When I searched for the year-ago photo below in this post, I was sorely reminded of all the plans we’d begun to make a year ago with excitement and hope for the future. Here we are a year later, with most plans canceled due to visa issues, the war in Ukraine, and the after-effects of Covid-19.
We see many of our traveling friends on cruises and spending time in Europe and islands worldwide. After almost ten years of world travel, we’ve visited all the islands we wanted to see and the European countries that appealed to us. With Schengen visa restrictions (click here for details) in Europe for travelers like us, who’d prefer to stay in a country for months, not a two-week holiday/vacation, the conditions of Schengen leave little to be desired for us.
This may sound weird to those who’ve never been to Europe, but we’ve seen all the historic buildings and churches we care to see in this lifetime. Yes, we loved the countries we visited in Europe at the time, but our tastes have changed. Plus, it’s costly for us to stay for two or three months in Switzerland, Sweden, or the Netherlands (we’ve been there), all of which would be exciting to visit but unable to fulfill our expectations of comfortable living.
At this point, our interests lie in affordable locations with reasonably priced holiday homes and rental cars. But, above all, our current interests are wrapped around further wildlife exploration. We long to return to South America to visit the Pantanal, as described on this site:
“Wetlands—where the land is covered by water, either salt, fresh, or somewhere in between—cover just over 6% of the Earth’s land surface. Sprinkled throughout every continent except Antarctica, they provide food, clean drinking water, and refuge for countless people and animals worldwide. Despite their global significance, an estimated one-half of all wetlands on the planet have disappeared.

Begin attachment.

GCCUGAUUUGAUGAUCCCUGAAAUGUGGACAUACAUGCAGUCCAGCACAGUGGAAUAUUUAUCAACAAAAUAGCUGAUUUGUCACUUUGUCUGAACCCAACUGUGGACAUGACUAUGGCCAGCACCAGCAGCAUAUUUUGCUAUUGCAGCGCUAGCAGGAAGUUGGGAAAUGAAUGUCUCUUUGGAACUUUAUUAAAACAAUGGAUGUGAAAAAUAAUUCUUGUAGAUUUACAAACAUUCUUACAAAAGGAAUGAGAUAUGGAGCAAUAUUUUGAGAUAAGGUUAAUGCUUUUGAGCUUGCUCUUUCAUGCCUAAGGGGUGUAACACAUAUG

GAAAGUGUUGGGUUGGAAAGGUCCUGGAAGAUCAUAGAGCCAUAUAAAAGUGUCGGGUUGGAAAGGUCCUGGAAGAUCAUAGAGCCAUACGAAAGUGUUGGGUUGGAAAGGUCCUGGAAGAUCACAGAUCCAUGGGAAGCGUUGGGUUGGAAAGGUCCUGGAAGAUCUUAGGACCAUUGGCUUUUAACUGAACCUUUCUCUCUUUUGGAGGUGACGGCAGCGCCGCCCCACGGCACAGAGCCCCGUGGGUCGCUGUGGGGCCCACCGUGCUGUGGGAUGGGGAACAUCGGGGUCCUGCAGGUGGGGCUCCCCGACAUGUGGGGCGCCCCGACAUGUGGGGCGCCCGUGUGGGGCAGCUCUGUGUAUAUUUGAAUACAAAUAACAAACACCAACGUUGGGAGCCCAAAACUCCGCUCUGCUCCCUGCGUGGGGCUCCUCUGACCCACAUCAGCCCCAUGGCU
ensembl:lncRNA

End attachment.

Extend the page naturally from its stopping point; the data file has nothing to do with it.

Amid the loss, one specific wetland stands out: the Pantanal. At more than 42 million acres, the Pantanal is the largest tropical wetland and one of the most pristine in the world. It sprawls across three South American countries—Bolivia, Brazil and Paraguay—and supports millions of people there and communities in the lower Rio de la Plata Basin.
WWF is working on the ground to conserve the region through the creation of protected areas and promoting sustainable use of natural resources.”
Yes, this area is offering tours and cruises but when we check into it further, the after-effects of Covid-19 have left many of such expeditions short of staff. We need to wait another year, as is the case for the Amazon and other such ecologically rich areas in the world. They just aren’t ready yet for tourists. We don’t care to spend a lot of money on a disappointing experience or canceled flights, cruises and tours, plenty of which we’ve already experienced.
We’ve lost thousands of dollars due to the pandemic, and we’re not interested in losing more. Are we being too cautious? Perhaps. But, if we listed all we’ve lost including the recent two months we spent in the US and on a cruise, getting Covid-19 and becoming very ill, it’s to be expected that we are cautious in what we decide to do going forward.
No, we don’t plan to stay in South Africa longer than a year. While here, we’ll have an opportunity for more adventures on the continent. In a little over a month, we’ll be on the move for a short but exciting trip to Zambia, Zimbabwe, and Botswana. Before departing that trip, we will be planning another trip for the following 90 days, again, outside South Africa. We’ll keep you updated.
In the interim, we are enjoying our time in the bush, surrounded by wildlife and friends, grateful for each day as it comes. What more could we ask for?
Enjoy your Saturday, wherever you may be.
Photo from one year ago today, July 16, 2021: